On July 28, 2016, the Department of Homeland Security significantly expanded the provisional waiver program. The provisional waiver program had allowed beneficiaries of certain family petitions to obtain a waiver of inadmissibility for unlawful presence of greater than 180 days before the immigrant visa interview, avoiding the necessity to obtain such a waiver at the US embassy or consulate abroad, thus greatly shortening the time away from their families.
Our client came to the United States in 2001 on a B-2 visitor's visa. In 2005 he married a U.S. citizen and sponsored our client's permanent resident status. Four years later, the Immigration Service denied his application because they believed he married he committed marriage fraud (what immigration calls an INA §204(c) decision). Such a decision is generally treated as the "death penalty" by the Immigration Service and Immigration Judges for any future applications a person might file to seek resident status. As a result of the denial, our client was put into removal proceedings -- not because of the fraud the government thought he had committed, but solely because he had remained in the United States longer than he was authorized.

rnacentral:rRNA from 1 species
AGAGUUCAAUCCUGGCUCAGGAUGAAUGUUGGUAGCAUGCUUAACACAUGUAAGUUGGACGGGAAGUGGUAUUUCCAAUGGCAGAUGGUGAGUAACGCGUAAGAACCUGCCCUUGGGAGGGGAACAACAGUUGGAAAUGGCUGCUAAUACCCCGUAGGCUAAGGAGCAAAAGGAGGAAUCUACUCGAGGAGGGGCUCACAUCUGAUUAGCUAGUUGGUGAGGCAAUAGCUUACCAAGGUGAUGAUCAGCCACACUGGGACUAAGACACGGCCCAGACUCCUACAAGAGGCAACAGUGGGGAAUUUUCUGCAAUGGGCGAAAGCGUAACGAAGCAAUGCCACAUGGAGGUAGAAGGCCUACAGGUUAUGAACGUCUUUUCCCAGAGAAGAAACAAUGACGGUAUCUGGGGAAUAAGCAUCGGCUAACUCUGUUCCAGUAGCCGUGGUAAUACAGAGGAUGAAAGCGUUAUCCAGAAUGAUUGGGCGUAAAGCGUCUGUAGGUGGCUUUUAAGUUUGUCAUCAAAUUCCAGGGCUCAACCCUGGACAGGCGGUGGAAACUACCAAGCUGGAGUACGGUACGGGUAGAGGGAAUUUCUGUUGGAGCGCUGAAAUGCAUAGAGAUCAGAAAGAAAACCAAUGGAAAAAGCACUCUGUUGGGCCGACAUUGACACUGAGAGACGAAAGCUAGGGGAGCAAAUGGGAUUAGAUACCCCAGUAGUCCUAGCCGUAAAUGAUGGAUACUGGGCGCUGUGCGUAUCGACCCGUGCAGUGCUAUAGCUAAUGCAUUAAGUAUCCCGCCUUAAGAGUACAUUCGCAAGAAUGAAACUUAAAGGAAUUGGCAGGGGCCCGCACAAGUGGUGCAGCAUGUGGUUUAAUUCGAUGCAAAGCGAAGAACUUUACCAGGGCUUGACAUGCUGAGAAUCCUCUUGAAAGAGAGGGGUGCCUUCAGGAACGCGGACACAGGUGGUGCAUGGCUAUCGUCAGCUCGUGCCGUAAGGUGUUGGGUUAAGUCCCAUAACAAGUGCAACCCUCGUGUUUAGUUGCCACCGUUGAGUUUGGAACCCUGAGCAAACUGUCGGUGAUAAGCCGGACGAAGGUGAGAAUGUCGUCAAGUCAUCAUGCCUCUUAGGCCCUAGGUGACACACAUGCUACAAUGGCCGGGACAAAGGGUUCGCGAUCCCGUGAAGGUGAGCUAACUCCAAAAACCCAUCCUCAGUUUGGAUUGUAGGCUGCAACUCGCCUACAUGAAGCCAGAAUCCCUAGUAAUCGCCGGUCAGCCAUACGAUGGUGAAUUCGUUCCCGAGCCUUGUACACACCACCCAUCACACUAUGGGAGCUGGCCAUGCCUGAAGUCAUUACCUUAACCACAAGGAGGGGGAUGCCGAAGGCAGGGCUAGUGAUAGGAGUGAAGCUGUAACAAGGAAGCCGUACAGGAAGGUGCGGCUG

The Department of Homeland Security Secretary Janet Napolitano said that the Supreme Court ruling will allow U.S. citizens and Lawful Permanent Residents petition for their same-sex spouses who would be able to obtain their "green cards". It is estimated that 36,000 foreign nationals will benefit from this groundbreaking ruling.